2.4. Fetching Documents Without LWP::Simple

LWP::Simple is convenient but not all powerful. In particular, we can't make POST requests or set request headers or query response headers. To do these things, we need to go beyond LWP::Simple.

The general all-purpose way to do HTTP GET queries is by using the do_GET( ) subroutine shown in Example 2-5.

Example 2-5. The do_GET subroutine

use LWP;
my $browser;
sub do_GET {
  # Parameters: the URL,
  #  and then, optionally, any header lines: (key,value, key,value)
  $browser = LWP::UserAgent->new( ) unless $browser;
  my $resp = $browser->get(@_);
  return ($resp->content, $resp->status_line, $resp->is_success, $resp)
    if wantarray;
  return unless $resp->is_success;
  return $resp->content;

A full explanation of the internals of do_GET( ) is given in Chapter 3, "The LWP Class Model". Until then, we'll be using it without fully understanding how it works.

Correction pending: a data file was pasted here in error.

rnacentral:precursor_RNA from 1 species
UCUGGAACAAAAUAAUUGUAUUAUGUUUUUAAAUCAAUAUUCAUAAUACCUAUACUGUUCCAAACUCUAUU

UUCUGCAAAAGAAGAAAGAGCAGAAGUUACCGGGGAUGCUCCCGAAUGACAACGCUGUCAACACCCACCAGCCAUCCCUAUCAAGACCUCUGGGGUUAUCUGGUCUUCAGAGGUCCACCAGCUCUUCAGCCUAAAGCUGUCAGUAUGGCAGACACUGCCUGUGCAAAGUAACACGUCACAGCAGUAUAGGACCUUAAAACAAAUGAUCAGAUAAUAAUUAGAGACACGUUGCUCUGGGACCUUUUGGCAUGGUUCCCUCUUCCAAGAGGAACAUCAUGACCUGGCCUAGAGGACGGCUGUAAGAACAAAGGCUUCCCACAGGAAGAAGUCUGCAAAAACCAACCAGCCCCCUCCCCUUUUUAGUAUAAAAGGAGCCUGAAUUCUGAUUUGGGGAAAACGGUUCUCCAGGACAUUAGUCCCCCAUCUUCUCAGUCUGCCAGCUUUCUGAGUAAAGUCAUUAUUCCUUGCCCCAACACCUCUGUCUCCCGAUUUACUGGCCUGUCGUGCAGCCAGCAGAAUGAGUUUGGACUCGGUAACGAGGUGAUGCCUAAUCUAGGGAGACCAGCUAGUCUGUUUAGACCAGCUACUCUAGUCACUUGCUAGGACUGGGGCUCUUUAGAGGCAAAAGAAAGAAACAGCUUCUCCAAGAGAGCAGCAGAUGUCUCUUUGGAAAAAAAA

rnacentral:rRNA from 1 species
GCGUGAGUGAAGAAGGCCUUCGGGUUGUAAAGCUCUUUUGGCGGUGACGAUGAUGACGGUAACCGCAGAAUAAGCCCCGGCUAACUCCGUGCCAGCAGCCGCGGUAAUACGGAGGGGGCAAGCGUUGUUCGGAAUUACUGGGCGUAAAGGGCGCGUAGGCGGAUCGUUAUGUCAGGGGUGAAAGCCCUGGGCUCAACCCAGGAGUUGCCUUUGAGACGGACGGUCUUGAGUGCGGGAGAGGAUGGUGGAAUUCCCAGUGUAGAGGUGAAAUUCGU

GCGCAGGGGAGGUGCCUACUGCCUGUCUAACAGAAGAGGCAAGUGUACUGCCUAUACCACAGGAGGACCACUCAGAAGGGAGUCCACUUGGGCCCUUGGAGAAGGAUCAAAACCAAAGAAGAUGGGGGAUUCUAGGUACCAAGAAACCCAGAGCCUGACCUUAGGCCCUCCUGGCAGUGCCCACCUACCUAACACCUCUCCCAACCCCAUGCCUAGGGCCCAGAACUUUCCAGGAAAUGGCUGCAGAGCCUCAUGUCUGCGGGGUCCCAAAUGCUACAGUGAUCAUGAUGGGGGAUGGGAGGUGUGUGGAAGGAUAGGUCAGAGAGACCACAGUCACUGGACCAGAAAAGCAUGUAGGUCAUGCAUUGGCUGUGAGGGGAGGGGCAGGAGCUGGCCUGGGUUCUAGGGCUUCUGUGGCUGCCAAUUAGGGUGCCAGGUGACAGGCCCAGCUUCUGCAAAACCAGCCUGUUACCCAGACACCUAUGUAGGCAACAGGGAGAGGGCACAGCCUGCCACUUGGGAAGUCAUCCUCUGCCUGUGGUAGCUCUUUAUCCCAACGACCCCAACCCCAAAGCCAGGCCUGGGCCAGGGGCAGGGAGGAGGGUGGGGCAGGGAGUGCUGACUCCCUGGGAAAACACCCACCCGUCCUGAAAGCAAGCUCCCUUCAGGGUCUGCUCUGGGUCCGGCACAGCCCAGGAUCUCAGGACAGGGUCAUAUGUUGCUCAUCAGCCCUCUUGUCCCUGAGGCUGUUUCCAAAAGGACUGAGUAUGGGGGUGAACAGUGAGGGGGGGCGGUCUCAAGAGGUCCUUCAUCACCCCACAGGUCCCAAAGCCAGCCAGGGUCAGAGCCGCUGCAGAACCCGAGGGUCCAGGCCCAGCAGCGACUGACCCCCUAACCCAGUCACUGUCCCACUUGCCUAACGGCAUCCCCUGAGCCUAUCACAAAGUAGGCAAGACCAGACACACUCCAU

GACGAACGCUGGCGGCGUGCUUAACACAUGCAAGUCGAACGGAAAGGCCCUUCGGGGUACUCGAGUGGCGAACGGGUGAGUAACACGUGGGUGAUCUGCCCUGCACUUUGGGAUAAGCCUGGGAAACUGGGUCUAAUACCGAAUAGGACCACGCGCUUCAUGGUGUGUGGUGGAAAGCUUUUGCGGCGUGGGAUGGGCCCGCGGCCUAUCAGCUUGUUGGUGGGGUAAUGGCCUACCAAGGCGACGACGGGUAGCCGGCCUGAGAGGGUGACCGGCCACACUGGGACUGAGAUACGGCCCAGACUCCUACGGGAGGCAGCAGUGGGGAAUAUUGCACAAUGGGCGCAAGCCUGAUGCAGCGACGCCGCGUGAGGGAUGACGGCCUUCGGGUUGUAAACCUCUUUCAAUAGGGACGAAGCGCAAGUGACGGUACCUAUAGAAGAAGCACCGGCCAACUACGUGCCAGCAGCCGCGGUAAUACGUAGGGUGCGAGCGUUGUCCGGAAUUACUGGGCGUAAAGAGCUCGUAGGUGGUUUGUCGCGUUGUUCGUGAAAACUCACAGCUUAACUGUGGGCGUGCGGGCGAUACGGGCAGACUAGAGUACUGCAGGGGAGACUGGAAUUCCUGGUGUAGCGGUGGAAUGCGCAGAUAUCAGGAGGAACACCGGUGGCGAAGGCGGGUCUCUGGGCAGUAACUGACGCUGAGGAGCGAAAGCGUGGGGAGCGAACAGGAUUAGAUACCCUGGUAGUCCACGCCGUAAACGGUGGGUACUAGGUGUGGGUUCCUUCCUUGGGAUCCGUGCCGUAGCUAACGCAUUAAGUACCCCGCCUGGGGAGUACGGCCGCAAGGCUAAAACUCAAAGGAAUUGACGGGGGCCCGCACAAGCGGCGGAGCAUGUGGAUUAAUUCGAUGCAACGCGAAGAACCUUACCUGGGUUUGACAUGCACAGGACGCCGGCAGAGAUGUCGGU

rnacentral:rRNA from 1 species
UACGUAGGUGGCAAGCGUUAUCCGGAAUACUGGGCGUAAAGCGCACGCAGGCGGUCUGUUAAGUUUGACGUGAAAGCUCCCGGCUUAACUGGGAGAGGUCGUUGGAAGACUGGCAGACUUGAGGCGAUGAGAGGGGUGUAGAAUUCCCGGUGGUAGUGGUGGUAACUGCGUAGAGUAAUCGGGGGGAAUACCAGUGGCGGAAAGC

You can call the do_GET( ) function in either scalar or list context:

doc = do_GET(URL [header, value, ...]);
(doc, status, successful, response) = do_GET(URL [header, value, ...]);

In scalar context, it returns the document or undef if there is an error. In list context, it returns the document (if any), the status line from the HTTP response, a Boolean value indicating whether the status code indicates a successful response, and an object we can interrogate to find out more about the response.

Recall that assigning to undef discards that value. For example, this is how you fetch a document into a string and learn whether it is successful:

($doc, undef, $successful, undef) = do_GET('http://www.suck.com/');

The optional header and value arguments to do_GET( ) let you add headers to the request. For example, to attempt to fetch the German language version of the European Union home page:

$body = do_GET("http://europa.eu.int/",
  "Accept-language" => "de",

The do_GET( ) function that we'll use in this chapter provides the same basic convenience as LWP::Simple's get( ) but without the limitations.